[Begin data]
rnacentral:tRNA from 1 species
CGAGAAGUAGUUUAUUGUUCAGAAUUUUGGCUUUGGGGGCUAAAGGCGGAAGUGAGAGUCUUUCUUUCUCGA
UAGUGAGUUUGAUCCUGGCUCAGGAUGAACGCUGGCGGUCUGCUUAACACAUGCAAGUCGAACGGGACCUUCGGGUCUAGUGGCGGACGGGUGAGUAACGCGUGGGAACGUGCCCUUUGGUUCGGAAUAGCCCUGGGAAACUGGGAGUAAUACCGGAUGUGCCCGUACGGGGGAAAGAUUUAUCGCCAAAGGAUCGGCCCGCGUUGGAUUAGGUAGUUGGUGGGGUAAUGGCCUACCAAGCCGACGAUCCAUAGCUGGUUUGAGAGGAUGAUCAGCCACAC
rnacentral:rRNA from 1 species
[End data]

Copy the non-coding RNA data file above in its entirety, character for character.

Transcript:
rnacentral:tRNA from 1 species
CGAGAAGUAGUUUAUUGUUCAGAAUUUUGGCUUUGGGGGCUAAAGGCGGAAGUGAGAGUCUUUCUUUCUCGA
UAGUGAGUUUGAUCCUGGCUCAGGAUGAACGCUGGCGGUCUGCUUAACACAUGCAAGUCGAACGGGACCUUCGGGUCUAGUGGCGGACGGGUGAGUAACGCGUGGGAACGUGCCCUUUGGUUCGGAAUAGCCCUGGGAAACUGGGAGUAAUACCGGAUGUGCCCGUACGGGGGAAAGAUUUAUCGCCAAAGGAUCGGCCCGCGUUGGAUUAGGUAGUUGGUGGGGUAAUGGCCUACCAAGCCGACGAUCCAUAGCUGGUUUGAGAGGAUGAUCAGCCACAC
rnacentral:rRNA from 1 species